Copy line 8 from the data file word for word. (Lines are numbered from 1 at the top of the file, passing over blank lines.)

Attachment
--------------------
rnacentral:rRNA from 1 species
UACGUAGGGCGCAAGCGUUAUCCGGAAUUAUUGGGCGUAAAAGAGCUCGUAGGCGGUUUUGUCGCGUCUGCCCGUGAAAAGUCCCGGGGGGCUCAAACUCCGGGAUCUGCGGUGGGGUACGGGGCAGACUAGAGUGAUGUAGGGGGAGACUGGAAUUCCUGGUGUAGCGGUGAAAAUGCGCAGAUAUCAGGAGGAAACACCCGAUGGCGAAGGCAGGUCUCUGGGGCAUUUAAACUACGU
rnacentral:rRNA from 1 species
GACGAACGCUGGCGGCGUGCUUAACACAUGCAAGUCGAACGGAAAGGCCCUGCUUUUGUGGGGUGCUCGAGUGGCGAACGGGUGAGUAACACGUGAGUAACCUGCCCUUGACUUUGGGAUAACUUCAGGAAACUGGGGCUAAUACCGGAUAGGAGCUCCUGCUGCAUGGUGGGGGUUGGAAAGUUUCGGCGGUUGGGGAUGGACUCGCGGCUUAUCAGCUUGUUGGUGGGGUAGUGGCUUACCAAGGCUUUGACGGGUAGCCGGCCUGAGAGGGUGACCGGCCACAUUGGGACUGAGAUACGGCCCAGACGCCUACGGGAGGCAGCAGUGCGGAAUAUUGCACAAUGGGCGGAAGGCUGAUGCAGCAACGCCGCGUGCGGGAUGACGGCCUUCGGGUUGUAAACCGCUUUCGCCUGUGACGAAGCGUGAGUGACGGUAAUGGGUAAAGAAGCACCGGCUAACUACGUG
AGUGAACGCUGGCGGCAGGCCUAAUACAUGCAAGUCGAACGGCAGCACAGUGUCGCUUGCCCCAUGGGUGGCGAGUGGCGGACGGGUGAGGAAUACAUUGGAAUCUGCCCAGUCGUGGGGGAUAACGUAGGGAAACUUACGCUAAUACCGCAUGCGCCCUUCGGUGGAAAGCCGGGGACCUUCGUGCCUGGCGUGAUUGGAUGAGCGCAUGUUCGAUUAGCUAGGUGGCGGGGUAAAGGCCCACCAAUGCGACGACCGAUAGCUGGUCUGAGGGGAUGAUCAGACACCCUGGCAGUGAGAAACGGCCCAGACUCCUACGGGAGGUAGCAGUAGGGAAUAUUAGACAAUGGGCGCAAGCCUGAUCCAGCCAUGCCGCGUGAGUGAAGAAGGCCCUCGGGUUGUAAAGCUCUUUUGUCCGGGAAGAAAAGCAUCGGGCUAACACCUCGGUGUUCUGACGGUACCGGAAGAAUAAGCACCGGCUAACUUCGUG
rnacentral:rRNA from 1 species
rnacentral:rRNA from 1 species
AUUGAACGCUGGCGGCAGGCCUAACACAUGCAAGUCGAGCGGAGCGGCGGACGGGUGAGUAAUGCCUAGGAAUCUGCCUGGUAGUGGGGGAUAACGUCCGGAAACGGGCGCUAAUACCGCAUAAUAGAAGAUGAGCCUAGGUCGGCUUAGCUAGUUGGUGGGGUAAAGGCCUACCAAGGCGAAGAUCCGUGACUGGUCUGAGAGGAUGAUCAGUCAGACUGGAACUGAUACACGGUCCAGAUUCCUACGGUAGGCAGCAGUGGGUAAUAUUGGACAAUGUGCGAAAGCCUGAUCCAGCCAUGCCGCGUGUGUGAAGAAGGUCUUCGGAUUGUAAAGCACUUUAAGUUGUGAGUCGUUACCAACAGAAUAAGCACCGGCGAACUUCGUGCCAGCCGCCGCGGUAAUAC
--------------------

AUUGAACGCUGGCGGCAGGCCUAACACAUGCAAGUCGAGCGGAGCGGCGGACGGGUGAGUAAUGCCUAGGAAUCUGCCUGGUAGUGGGGGAUAACGUCCGGAAACGGGCGCUAAUACCGCAUAAUAGAAGAUGAGCCUAGGUCGGCUUAGCUAGUUGGUGGGGUAAAGGCCUACCAAGGCGAAGAUCCGUGACUGGUCUGAGAGGAUGAUCAGUCAGACUGGAACUGAUACACGGUCCAGAUUCCUACGGUAGGCAGCAGUGGGUAAUAUUGGACAAUGUGCGAAAGCCUGAUCCAGCCAUGCCGCGUGUGUGAAGAAGGUCUUCGGAUUGUAAAGCACUUUAAGUUGUGAGUCGUUACCAACAGAAUAAGCACCGGCGAACUUCGUGCCAGCCGCCGCGGUAAUAC